+ 222494 [tomp@ea th i] Actually, I think Cygwin is a pretty reasonable platform for porting
| 222515 [halostatue@g] So. Is your company's product open source? Because if it isn't, and
| + 222518 [tomp@ea th i] Thanks for your concern, but I didn't say we were using the Cygwin
| + 222519 [reid.thompso] Actually that would only be true if they were distributing it without a
| + 222552 [rob@oc te h.] ...
+ 222514 [robert.dober] ...
+ 222558 [charles.nutt] d. realize how maddeningly frustrating it is when the Windows tool is
  222751 [hramrach@ce ] I use msys [1] when I want something like unix environment on Windows.
  222753 [ara.t.howard] i've compiled both the gnu scientific library, narray, and rbtree packages for
  222827 [znmeb@ce ma ] Yeah, the R Windows folks use MSys and eschew CygWin. I should try

upgrade on OS X
222442 [tmac@ea ys r] ...
222478 [hutch@re ur ] The ruby as shipped by apple is not in the same place on disk as the
+ 222524 [znmeb@ce ma ] Has a bug been filed on this? Is it unique to Macs, or will any gcc 4
| 222620 [hutch@re ur ] Yes, it is 'well' known to apple and the GNU folks. My understanding
+ 222660 [tmac@ea ys r] ...

Killing a windows process
222444 [joevandyk@gm] I'm starting a bunch of processes using win32/process
+ 222445 [gavin.kistne] ...
+ 222447 [phurley@gm i] signal = 4  # or 9 if you really want to take it out :-)
  224308 [joevandyk@gm] I'm using win32/process's Create function to start a new Windows

SouthWest RubyConf?
222453 [james.britt@] Is anyone aware of, or interested in helping prepare, plans for a U.S.
+ 222759 [adam@th re l] I'm toying with the idea of organizing one in Dallas, TX.  Not sure
| + 222763 [dblack@wo bl] Since we had a RubyConf in Austin, I guess RubyConf is "really
| + 222786 [sam@po er ou] I'm in Houston, TX, so I would be interested ... pending knowledge of
+ 222766 [christopher.] I would be willing to run the idea up the flagpole around Durango,
+ 222848 [mike@cl ve c] Yeah - I'm interested in helping.
  222942 [pat.eyler@gm] I was just extrapolating from your comment about missing denver and
  + 222945 [znmeb@ce ma ] It's addicting? *Now* you tell me!
  + 222946 [dblack@wo bl] That's correct; RubyConf is still a going concern, but Ruby Central
  + 222947 [james@gr yp ] Great progress Pat.  The first step is admitting that you have a
  | + 222948 [pat.eyler@gm] You make it sound like I want to recover or something.  ;^)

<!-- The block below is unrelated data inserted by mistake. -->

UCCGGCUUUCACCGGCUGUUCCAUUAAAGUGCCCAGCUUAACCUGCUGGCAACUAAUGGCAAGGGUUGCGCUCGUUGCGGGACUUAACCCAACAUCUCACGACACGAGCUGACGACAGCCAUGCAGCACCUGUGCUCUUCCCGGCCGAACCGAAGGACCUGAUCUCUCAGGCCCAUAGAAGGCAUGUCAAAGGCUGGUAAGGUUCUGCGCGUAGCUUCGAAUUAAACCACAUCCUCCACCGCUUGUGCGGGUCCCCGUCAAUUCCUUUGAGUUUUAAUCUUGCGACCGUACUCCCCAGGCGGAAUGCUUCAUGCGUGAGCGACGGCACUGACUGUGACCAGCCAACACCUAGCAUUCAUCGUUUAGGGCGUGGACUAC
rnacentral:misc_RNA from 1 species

| + 222950 [jeff@sc wa c] Who says it's a problem? :)
  + 222969 [james.britt@] That's the goal, at least.  Have more Ruby events, smaller and more
  | 223033 [gilesb@gm il] This does seem like a good thing. I may be planning to go to
  | 223036 [pat.eyler@gm] The 20th through Easter are all bad times here as well.
  + 223156 [james.britt@] That's the goal, at least.  Have more Ruby events, smaller and more

Ruby on AIX.  Again.
222458 [matt@te hn r] Since AIX now supports RPM as a package format, I would like to build a

regex blindness
222459 [josselin@wa ] I was blind yesterday .. could not find what's wrong in this regex (and
+ 222463 [nospam@no it] State the problem, not the solution. Describe the exact requirements to be
+ 222465 [shortcutter@] irb(main):001:0> /(?:x)/
| 222574 [josselin@wa ] thanks for your advice, removing the k flag was the k-point..
+ 222646 [chneukirchen] Yes, try /@/.

Efficient parsing of large Excel documents in Ruby
222460 [weyus@at .n ] All,
+ 222462 [doktormadsen] You should definitely use win32ole. This way, you can cut down memory
| 222510 [matt@ti bi s] Interesting. Just as a note, everything that happens on that page can
+ 222512 [ssmoot@gm il] I agree with Christian, but with a twist.
| 222517 [weyus@at .n ] I was definitely thinking about using win32ole/Excel to convert this
| 222522 [znmeb@ce ma ] Have you tried unixODBC? It seems to work fairly well, although there
| + 222531 [weyus@at .n ] Ed,
| + 222577 [weyus@at .n ] Hpricot?  I thought that only parsed HTML?  Can you say a little more
|   222579 [weyus@at .n ] Ah, are you saying that I can "publish" the Excel file into HTML through
+ 222526 [znmeb@ce ma ] Yes, there is a native way of doing this in VBA from a macro, which you
+ 222556 [charles.nutt] Another rough option would be using JRuby or one of the Java bridges to
  222576 [weyus@at .n ] Charles,
  222585 [charles.nutt] We appreciate the vote of confidence, and you're probably right about
  + 222770 [weyus@at .n ] I'm looking at RJB and it appears that it only loads the JVM into memory
  | 223230 [weyus@at .n ] Recently, I was confronted with a task in one of the apps. I'm building
  | 223231 [znmeb@ce ma ] That seems to me to be an awfully roundabout way of doing things. I
  + 222807 [ssmoot@gm il] Using WIN32OLE is actually simpler than c# since you have access to the

regexp to match CJK characters
222467 [0xcafebabe@1] How can I write a regexp to match CJK characters?
222505 [nospam@no it] print "Yes!" if varname =~ /^CJK$/
222509 [david@va ln ] post.
222516 [0xcafebabe@1] Yes, so how can write the regexp? thanks a lot
222538 [ jupp@gm .d ] Which encoding?
222562 [0xcafebabe@1] UTF-8
222626 [dido.sevilla] You may need to use the Oniguruma patch. I believe this is necessary
222687 [matz@ru y- a] Regular expression comes with 1.8 does support UTF-8.
222689 [foamdino@gm ] does this mean though that you must do a match on an escaped character
222691 [matz@ru y- a] You don't have to escape, if you specify -Ku or $KCODE='u'.